Power, Gender and Social Change in Africa
Gender plays a hugely significant and too often under-considered role in predicting how accessible resources such as education, wage-based employment, physical and mental health care, adequate nutrition and housing will be to an individual or community.
According to a 2001 World Bank report titled Engendering Development—Through Gender Equality in Rights, Resources, and Voice, enormous disparities exist between men and women in terms of basic rights and the power to determine the future, both in Africa and around the globe. A better understanding of the links between gender, public policy and development outcomes would allow for more effective policy formulation and implementation at many levels. This book, through its discussion of the challenges, achievements and lessons learned in efforts to attain gender equality, sheds light on these important issues.
The book contains chapters from an interdisciplinary group of scholars, including sociologists, economists, political scientists, scholars of law, anthropologists, historians and others. The work includes analysis of strategic gender initiatives, case studies, research, and policies as well as conceptual and theoretical pieces.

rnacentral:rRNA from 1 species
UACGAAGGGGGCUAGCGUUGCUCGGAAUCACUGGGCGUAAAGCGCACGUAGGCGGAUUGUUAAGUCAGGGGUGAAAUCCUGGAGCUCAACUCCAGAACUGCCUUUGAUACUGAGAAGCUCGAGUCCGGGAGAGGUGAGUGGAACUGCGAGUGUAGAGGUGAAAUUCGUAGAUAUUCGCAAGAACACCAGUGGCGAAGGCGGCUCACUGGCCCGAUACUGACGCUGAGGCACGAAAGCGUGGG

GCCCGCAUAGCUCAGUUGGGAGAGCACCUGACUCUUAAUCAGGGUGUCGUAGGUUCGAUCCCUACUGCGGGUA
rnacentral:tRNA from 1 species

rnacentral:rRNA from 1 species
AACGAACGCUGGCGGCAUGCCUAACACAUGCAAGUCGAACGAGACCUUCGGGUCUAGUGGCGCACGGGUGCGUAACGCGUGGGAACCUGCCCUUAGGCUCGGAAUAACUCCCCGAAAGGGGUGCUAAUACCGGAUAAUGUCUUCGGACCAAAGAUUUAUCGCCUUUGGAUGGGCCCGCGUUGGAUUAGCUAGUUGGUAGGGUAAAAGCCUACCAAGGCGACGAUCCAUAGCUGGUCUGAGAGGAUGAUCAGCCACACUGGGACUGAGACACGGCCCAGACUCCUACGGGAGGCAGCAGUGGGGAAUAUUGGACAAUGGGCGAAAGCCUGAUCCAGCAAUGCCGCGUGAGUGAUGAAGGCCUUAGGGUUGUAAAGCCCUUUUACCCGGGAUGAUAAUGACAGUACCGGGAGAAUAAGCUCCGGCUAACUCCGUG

With its format of ideas, resources and recorded experiences as well as theoretical models and best practices, the book is an important contribution to academic and political discourse on the intricate links between gender, power, and social change in Africa and around the world.
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I was delighted to be the keynote speaker at the event that generated the
chapters of this book—the April, 2006 conference on Power, Gender, and Social
Change in Africa. Institute Director and volume editor Muna Ndulo and co-editor ...
SOCIAL. CHANGE. IN. AFRICA. Muna Ndulo and Margaret Grieco The
importance of recognizing the significance of gender in assessing power
relationships and access to resources—including education, wagebased
employment, mental ...
Believing that they and their colleagues sincerely intended to address poverty
and inequality, and to work for social change to improve the lives of the most
marginalized, Trubek and Galanter wondered “aloud” whether their methods
were in ...